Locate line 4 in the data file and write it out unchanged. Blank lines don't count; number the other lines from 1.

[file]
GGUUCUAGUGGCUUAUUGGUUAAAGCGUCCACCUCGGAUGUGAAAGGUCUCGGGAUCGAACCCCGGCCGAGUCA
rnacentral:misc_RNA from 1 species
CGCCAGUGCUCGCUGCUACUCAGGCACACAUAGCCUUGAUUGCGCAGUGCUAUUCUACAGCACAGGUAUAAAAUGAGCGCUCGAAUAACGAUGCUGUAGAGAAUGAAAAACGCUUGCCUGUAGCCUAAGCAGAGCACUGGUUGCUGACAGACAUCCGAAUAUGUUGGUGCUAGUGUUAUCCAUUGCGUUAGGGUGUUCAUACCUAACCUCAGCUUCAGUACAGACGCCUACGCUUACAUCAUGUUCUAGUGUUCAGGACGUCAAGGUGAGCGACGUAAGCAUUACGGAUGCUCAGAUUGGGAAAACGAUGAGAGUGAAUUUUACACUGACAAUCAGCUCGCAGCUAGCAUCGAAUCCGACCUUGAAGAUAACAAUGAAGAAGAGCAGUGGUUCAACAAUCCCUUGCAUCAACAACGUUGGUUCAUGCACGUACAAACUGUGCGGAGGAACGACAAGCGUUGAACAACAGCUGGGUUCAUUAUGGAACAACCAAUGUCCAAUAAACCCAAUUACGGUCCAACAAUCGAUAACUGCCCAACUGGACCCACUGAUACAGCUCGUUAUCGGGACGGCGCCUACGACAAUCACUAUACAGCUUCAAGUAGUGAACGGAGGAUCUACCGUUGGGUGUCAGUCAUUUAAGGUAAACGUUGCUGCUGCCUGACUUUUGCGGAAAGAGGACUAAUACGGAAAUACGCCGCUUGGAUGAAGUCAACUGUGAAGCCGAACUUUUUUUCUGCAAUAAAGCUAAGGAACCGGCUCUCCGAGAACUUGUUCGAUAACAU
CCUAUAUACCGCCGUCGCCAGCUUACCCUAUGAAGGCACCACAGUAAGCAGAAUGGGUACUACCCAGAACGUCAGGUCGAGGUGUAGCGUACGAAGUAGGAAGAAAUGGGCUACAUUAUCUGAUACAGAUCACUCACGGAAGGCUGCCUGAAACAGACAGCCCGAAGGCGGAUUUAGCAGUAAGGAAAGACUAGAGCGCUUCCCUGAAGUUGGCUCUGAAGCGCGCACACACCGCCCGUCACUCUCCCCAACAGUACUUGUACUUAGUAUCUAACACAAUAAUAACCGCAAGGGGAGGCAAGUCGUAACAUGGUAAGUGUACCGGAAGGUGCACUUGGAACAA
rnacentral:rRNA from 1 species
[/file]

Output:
CCUAUAUACCGCCGUCGCCAGCUUACCCUAUGAAGGCACCACAGUAAGCAGAAUGGGUACUACCCAGAACGUCAGGUCGAGGUGUAGCGUACGAAGUAGGAAGAAAUGGGCUACAUUAUCUGAUACAGAUCACUCACGGAAGGCUGCCUGAAACAGACAGCCCGAAGGCGGAUUUAGCAGUAAGGAAAGACUAGAGCGCUUCCCUGAAGUUGGCUCUGAAGCGCGCACACACCGCCCGUCACUCUCCCCAACAGUACUUGUACUUAGUAUCUAACACAAUAAUAACCGCAAGGGGAGGCAAGUCGUAACAUGGUAAGUGUACCGGAAGGUGCACUUGGAACAA